Essay / Culture

It's a Neighborly Day in this Beauty Wood

Today is the birthday of Fred Rogers (March 20, 1928-2003), whose first name was not Mister, but whose middle name actually was McFeely, and who actually wrote the line, “It’s a neighborly day in this beauty wood.”

Mister Rogers cranked out that sweater-wearing, sneakers-changing, trolley-riding show of his for 33 years. It was so slow-paced, so gentle, and so affirming that it just boggles the mind. Rogers was ordained in the Presbyterian Church (PCUSA), having worked his way through seminary during eight years of sneaking a few classes into his lunch hours. He never pastored a church, but was specifically charged to keep doing all the good he could in children’s television programs.

I think it’s fair to call the show bland, without intending it as an insult. It was soft, unstimulating, moderate, smooth, free of any jarring elements, and e v e r. s o. s l o o o o w. It didn’t so much entertain as soothe and reassure. In fact, Rogers sometimes seemed to go out of his way to keep from entertaining his audience: This is clear right from the famous opening scene where he enters a room, turns his back on the audience (!) and changes into something softer. He wasn’t afraid to sit down in the floor and play with a Tonka truck, showing viewers how the levers worked. And these other levers. And this one over here. And how about this one? Let’s try that one again.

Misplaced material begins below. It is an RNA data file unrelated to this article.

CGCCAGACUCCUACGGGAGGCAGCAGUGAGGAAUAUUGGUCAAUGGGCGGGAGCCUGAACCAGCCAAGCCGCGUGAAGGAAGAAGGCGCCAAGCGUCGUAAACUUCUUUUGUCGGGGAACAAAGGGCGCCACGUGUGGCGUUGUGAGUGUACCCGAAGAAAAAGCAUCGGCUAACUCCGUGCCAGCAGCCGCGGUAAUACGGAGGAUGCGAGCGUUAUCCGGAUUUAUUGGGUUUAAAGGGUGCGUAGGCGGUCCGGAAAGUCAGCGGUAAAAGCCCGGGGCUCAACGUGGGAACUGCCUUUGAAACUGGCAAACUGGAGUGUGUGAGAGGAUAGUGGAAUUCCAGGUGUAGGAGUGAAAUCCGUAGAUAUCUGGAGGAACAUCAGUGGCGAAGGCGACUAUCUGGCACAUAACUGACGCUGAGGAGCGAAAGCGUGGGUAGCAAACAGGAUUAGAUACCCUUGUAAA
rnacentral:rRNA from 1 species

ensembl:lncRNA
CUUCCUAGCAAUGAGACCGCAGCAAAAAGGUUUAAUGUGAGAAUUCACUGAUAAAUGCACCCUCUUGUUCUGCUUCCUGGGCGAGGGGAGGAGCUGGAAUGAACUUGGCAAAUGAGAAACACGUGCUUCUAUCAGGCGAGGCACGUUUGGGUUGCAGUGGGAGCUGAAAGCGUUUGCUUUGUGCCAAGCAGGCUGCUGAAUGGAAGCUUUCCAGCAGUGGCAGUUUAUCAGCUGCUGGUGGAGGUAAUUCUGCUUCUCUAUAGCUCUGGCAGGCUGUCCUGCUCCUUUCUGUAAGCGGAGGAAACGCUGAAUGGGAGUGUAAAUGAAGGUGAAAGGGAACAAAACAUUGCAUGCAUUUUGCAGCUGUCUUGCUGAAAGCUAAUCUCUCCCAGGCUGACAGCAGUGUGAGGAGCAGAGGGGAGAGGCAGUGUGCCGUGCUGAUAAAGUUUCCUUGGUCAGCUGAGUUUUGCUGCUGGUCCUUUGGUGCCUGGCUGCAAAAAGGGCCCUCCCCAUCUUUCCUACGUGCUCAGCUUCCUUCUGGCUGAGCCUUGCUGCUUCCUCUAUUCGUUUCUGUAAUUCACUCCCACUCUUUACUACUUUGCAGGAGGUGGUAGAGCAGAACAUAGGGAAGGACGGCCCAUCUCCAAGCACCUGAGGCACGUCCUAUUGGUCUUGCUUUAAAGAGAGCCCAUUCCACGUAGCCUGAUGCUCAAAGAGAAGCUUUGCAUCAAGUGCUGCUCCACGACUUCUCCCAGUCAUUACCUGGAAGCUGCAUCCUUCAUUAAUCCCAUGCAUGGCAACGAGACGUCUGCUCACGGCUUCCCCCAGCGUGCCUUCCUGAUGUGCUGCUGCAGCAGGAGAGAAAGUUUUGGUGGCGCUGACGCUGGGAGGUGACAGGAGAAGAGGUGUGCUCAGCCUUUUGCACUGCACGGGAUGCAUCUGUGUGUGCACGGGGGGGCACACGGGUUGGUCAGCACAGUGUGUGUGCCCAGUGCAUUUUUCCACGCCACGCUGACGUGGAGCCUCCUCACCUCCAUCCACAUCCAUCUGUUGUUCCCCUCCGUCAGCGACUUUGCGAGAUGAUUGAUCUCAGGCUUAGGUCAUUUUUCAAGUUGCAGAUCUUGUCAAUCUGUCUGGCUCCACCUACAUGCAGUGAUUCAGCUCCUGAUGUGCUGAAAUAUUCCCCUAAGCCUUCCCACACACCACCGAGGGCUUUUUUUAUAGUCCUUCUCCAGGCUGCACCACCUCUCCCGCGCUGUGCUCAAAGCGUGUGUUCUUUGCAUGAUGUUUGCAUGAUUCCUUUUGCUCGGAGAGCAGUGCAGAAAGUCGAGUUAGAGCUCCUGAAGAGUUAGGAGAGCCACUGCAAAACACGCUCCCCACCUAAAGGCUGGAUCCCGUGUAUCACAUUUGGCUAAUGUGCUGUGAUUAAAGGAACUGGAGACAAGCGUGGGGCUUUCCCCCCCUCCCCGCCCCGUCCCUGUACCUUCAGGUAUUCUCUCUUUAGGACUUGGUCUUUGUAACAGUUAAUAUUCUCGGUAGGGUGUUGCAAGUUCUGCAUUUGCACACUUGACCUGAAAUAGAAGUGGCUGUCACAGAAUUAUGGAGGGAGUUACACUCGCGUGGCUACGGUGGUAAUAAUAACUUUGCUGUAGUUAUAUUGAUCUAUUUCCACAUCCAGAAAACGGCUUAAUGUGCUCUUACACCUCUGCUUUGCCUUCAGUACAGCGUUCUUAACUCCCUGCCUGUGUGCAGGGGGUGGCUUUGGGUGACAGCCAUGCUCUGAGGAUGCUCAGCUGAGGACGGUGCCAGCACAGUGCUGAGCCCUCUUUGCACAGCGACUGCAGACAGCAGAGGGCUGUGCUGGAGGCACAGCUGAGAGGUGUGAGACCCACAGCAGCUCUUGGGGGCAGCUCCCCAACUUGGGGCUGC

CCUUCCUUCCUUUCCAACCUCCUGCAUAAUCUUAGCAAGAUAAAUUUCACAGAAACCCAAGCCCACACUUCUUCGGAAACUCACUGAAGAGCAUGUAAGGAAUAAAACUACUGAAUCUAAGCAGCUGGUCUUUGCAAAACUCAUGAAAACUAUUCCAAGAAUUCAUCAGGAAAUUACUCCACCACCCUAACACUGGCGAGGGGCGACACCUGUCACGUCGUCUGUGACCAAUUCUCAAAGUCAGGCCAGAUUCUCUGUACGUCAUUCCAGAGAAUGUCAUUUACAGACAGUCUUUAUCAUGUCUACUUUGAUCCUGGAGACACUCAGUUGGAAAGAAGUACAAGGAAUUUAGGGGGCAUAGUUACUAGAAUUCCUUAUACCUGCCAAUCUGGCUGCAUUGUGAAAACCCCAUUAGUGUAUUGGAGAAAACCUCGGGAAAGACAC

Mister Rogers the Presbyterian minister on Public television had a very clear idea of what he wanted to accomplish. He wanted to act out a friendly neighborhood where a responsible adult accepted everybody, had lots of friends, and made time to talk with kids. His show rode a big cultural wave of affirmation and self-esteem programming that has now swamped most of the shows aimed at kids. Based on his published interviews and habitual phraseology when talking about theological topics, Fred Rogers seemed to be comfortable with a soft, liberal version of mainline Protestant religion. That message happened to fit his medium pretty well: you can hardly get the rough edges and the hard ideas of Christian theology into a daily kid’s show on public TV. It was actually a perfect match: mainline preaching usually boils down to “you are accepted” and “all is forgiven,” which is something that can be communicated successfully in that laid-back, friendly, winning way that Mister Rogers had. It’s not the word of truth. But it was decades of gentle programming by a man whose broadcast persona was so bland that he may paradoxically prove to be unforgettable in the long run.

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